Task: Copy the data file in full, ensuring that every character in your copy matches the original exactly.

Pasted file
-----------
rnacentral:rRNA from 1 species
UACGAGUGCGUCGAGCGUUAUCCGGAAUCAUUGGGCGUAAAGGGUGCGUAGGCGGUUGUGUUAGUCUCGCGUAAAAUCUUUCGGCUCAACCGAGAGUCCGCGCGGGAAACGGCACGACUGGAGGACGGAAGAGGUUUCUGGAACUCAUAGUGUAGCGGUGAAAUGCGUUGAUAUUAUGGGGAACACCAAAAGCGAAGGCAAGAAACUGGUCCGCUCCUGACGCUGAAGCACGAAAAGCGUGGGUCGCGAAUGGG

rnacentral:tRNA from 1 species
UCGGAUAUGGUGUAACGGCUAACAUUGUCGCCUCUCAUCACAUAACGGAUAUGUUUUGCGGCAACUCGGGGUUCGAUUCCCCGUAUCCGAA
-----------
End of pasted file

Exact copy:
rnacentral:rRNA from 1 species
UACGAGUGCGUCGAGCGUUAUCCGGAAUCAUUGGGCGUAAAGGGUGCGUAGGCGGUUGUGUUAGUCUCGCGUAAAAUCUUUCGGCUCAACCGAGAGUCCGCGCGGGAAACGGCACGACUGGAGGACGGAAGAGGUUUCUGGAACUCAUAGUGUAGCGGUGAAAUGCGUUGAUAUUAUGGGGAACACCAAAAGCGAAGGCAAGAAACUGGUCCGCUCCUGACGCUGAAGCACGAAAAGCGUGGGUCGCGAAUGGG

rnacentral:tRNA from 1 species
UCGGAUAUGGUGUAACGGCUAACAUUGUCGCCUCUCAUCACAUAACGGAUAUGUUUUGCGGCAACUCGGGGUUCGAUUCCCCGUAUCCGAA